1ST RAINBOW GATHERING: Granby, Colorado 1972
A White Buffalo Multimedia Production
The Woodstock Festival of '69 inspired the 1st Rainbow Gathering, attracting tens of thousands to celebrate their connection to the earth and to each other. This historic, hippie gathering of 1972 was prophecied by Hopi, Sioux, Muskokee-Cree and other American Indian tribes. And they were there! Rainbow Gatherings continue today, all over the world. Always free!
The prophecy says that the great-great grandchildren of the white conqueror would grow their hair long and rebel against society, travel east and west, gather in the mountains under the symbol of the White Buffalo. They would dance, sing and chant in many tongues. Their symbol would be the dove. They would be Brothers and sisters to the Hopi, people of peace. They would come and go, yet be a sign to the Indian that the spirit is returning.
Donations are made to Rainbow Family's Magic Hat & Woodstock
Museum. This helps us to continue the work of archiving, editing and
passing it on. Tax-free donations are welcome. We invite Rainbows
to submit stories, poems, music video and art for archiving and possible
use in publications, video and digital media. You can email us at
firstname.lastname@example.org or send snail mail to:
Nathan Koenig (aka White Buffalo) began documenting American Indian elders as a result of this first, Rainbow Gathering. A few days later, he was in Hopi land, witnessing Hopi dancers make rain from a perfectly clear, desert sky. He then realized the power of indigenous people. He traveled to many reservations and countries, including Mexico, Egypt, Israel, Jamaica and Australia, exploring native cultures and creating audio-visual presentations with native perspectives. Along the way, he filmed several Rainbow Gatherings. He continues working and editing with the White Buffalo Multimedia archives of Woodstock, New York.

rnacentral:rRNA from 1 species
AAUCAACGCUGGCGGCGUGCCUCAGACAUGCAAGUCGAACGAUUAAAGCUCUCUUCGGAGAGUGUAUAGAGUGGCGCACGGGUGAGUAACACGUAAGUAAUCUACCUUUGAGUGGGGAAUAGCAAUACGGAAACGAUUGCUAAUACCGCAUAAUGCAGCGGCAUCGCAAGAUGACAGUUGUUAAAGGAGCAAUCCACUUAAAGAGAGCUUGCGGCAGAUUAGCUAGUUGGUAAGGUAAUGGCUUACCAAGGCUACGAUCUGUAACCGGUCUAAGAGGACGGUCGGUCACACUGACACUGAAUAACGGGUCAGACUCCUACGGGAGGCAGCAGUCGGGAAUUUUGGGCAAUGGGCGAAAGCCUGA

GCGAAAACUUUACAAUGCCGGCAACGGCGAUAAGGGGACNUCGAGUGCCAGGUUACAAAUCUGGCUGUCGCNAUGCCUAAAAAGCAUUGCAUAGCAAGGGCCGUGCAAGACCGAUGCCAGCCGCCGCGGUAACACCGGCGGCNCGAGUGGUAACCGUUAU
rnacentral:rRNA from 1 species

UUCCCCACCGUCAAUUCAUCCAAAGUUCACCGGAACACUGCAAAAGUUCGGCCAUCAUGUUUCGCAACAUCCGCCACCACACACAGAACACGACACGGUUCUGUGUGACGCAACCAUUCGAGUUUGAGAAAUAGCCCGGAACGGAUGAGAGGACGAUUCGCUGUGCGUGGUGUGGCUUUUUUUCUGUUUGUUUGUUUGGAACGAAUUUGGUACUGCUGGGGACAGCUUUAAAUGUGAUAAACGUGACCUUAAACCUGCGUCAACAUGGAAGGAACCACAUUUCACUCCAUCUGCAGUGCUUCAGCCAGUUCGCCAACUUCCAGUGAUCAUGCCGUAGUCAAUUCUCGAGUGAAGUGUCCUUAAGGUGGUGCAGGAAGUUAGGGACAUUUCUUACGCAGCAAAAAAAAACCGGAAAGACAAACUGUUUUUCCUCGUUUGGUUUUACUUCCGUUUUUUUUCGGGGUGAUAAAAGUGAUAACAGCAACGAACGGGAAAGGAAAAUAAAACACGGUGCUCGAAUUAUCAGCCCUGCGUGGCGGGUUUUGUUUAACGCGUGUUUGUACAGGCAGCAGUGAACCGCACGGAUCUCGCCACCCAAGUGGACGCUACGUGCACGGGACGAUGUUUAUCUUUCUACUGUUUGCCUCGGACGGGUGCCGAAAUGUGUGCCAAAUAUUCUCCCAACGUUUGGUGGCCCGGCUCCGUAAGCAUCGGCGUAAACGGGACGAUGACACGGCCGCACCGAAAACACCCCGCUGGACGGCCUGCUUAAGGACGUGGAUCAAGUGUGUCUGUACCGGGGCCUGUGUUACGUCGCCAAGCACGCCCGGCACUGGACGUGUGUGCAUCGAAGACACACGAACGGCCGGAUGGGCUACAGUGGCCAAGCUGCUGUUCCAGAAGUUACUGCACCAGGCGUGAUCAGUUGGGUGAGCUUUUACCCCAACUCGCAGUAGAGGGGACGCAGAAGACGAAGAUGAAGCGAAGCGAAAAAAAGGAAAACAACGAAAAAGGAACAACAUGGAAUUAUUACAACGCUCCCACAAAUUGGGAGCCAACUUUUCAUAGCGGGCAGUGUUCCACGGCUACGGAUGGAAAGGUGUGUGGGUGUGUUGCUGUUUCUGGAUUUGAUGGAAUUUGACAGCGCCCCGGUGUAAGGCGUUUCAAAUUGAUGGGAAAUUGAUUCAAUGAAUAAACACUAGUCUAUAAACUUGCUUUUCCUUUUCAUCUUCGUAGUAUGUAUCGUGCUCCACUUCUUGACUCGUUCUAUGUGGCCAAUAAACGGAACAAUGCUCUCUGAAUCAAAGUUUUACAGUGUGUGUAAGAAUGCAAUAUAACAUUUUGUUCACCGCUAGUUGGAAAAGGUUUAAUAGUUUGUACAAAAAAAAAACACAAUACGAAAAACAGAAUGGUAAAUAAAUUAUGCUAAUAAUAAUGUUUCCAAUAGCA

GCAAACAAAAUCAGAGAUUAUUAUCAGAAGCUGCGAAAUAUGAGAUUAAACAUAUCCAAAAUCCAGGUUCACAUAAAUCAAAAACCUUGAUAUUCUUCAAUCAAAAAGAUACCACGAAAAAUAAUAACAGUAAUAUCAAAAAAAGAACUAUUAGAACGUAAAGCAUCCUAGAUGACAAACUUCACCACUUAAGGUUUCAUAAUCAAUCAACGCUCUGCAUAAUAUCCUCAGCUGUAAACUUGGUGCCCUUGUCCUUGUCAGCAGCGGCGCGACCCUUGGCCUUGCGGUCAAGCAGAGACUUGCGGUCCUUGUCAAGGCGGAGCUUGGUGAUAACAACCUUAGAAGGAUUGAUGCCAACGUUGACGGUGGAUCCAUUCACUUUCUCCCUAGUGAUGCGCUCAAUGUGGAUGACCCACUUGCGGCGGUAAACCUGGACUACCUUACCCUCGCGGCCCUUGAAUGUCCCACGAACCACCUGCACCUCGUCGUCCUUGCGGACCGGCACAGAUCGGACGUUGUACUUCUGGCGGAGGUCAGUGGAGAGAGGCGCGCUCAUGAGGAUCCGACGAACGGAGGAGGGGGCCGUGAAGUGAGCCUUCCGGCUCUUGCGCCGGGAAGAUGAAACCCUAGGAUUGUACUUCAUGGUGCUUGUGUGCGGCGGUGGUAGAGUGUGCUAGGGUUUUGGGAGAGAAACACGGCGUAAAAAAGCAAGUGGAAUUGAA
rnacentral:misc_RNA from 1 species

He founded White Buffalo Multimedia, Inc. and traveled in the 1970s-1980s
with a repertoire of multimedia shows (which used to mean slides,
films and special effects). The main feature was "Ancient Prophecies
Future Visions." The Iroquois section is orated by Onondaga Faith
keeper Oren Lyons. Some of his
Nathan and his wife/partner Shelli Lipton, now work with Mohawk Chief Jake Swamp's Tree of Peace Society. They are currently producing a documentary on the Iroquois Great Law of Peace and it's influence on the U.S. Constitution, which the Iroquois believe neglects some vital principals for a "government of, by and for the people."
Shelli Lipton is creative director, co-producer and business associate
for White Buffalo Multimedia, Inc. Shelli was the first woman director
for a Madison Avenue ad agency. She was created and licensed the Children's
Art Collection. Shelli & Nathan founded the Woodstock Museum.
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This page was updated on February 12th, 2019
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